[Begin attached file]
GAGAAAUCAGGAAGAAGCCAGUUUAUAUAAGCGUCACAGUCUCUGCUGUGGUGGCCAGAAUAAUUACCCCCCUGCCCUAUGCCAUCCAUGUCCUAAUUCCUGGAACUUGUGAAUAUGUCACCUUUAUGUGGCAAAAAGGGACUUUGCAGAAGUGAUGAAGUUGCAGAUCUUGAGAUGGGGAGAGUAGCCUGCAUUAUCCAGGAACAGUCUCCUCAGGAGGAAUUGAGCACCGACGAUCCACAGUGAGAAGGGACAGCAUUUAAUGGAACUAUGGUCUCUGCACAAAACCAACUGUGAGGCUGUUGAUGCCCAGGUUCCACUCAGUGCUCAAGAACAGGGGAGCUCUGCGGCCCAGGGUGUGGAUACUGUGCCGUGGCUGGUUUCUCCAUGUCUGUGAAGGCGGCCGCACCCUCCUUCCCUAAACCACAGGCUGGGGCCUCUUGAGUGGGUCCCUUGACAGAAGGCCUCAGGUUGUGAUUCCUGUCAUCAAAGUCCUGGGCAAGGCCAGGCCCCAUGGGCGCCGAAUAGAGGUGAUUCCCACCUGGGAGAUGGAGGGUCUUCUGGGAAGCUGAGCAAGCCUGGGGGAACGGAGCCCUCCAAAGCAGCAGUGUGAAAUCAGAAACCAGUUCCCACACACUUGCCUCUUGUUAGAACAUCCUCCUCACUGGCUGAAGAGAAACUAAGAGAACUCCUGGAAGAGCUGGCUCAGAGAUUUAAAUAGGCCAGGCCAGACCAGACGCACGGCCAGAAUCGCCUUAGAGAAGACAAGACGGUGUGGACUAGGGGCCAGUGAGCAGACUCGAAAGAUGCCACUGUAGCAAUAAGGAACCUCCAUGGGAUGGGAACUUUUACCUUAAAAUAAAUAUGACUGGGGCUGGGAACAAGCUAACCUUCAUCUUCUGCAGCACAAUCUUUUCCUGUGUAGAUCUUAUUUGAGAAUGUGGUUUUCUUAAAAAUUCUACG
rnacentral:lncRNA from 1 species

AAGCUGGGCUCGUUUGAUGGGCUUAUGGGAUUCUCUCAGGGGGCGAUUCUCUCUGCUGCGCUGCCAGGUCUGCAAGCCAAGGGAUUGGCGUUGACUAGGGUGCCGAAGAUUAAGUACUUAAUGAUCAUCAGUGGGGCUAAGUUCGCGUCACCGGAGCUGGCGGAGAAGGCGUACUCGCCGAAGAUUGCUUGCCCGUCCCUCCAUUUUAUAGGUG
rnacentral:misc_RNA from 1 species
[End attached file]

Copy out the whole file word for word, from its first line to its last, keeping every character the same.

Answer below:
GAGAAAUCAGGAAGAAGCCAGUUUAUAUAAGCGUCACAGUCUCUGCUGUGGUGGCCAGAAUAAUUACCCCCCUGCCCUAUGCCAUCCAUGUCCUAAUUCCUGGAACUUGUGAAUAUGUCACCUUUAUGUGGCAAAAAGGGACUUUGCAGAAGUGAUGAAGUUGCAGAUCUUGAGAUGGGGAGAGUAGCCUGCAUUAUCCAGGAACAGUCUCCUCAGGAGGAAUUGAGCACCGACGAUCCACAGUGAGAAGGGACAGCAUUUAAUGGAACUAUGGUCUCUGCACAAAACCAACUGUGAGGCUGUUGAUGCCCAGGUUCCACUCAGUGCUCAAGAACAGGGGAGCUCUGCGGCCCAGGGUGUGGAUACUGUGCCGUGGCUGGUUUCUCCAUGUCUGUGAAGGCGGCCGCACCCUCCUUCCCUAAACCACAGGCUGGGGCCUCUUGAGUGGGUCCCUUGACAGAAGGCCUCAGGUUGUGAUUCCUGUCAUCAAAGUCCUGGGCAAGGCCAGGCCCCAUGGGCGCCGAAUAGAGGUGAUUCCCACCUGGGAGAUGGAGGGUCUUCUGGGAAGCUGAGCAAGCCUGGGGGAACGGAGCCCUCCAAAGCAGCAGUGUGAAAUCAGAAACCAGUUCCCACACACUUGCCUCUUGUUAGAACAUCCUCCUCACUGGCUGAAGAGAAACUAAGAGAACUCCUGGAAGAGCUGGCUCAGAGAUUUAAAUAGGCCAGGCCAGACCAGACGCACGGCCAGAAUCGCCUUAGAGAAGACAAGACGGUGUGGACUAGGGGCCAGUGAGCAGACUCGAAAGAUGCCACUGUAGCAAUAAGGAACCUCCAUGGGAUGGGAACUUUUACCUUAAAAUAAAUAUGACUGGGGCUGGGAACAAGCUAACCUUCAUCUUCUGCAGCACAAUCUUUUCCUGUGUAGAUCUUAUUUGAGAAUGUGGUUUUCUUAAAAAUUCUACG
rnacentral:lncRNA from 1 species

AAGCUGGGCUCGUUUGAUGGGCUUAUGGGAUUCUCUCAGGGGGCGAUUCUCUCUGCUGCGCUGCCAGGUCUGCAAGCCAAGGGAUUGGCGUUGACUAGGGUGCCGAAGAUUAAGUACUUAAUGAUCAUCAGUGGGGCUAAGUUCGCGUCACCGGAGCUGGCGGAGAAGGCGUACUCGCCGAAGAUUGCUUGCCCGUCCCUCCAUUUUAUAGGUG
rnacentral:misc_RNA from 1 species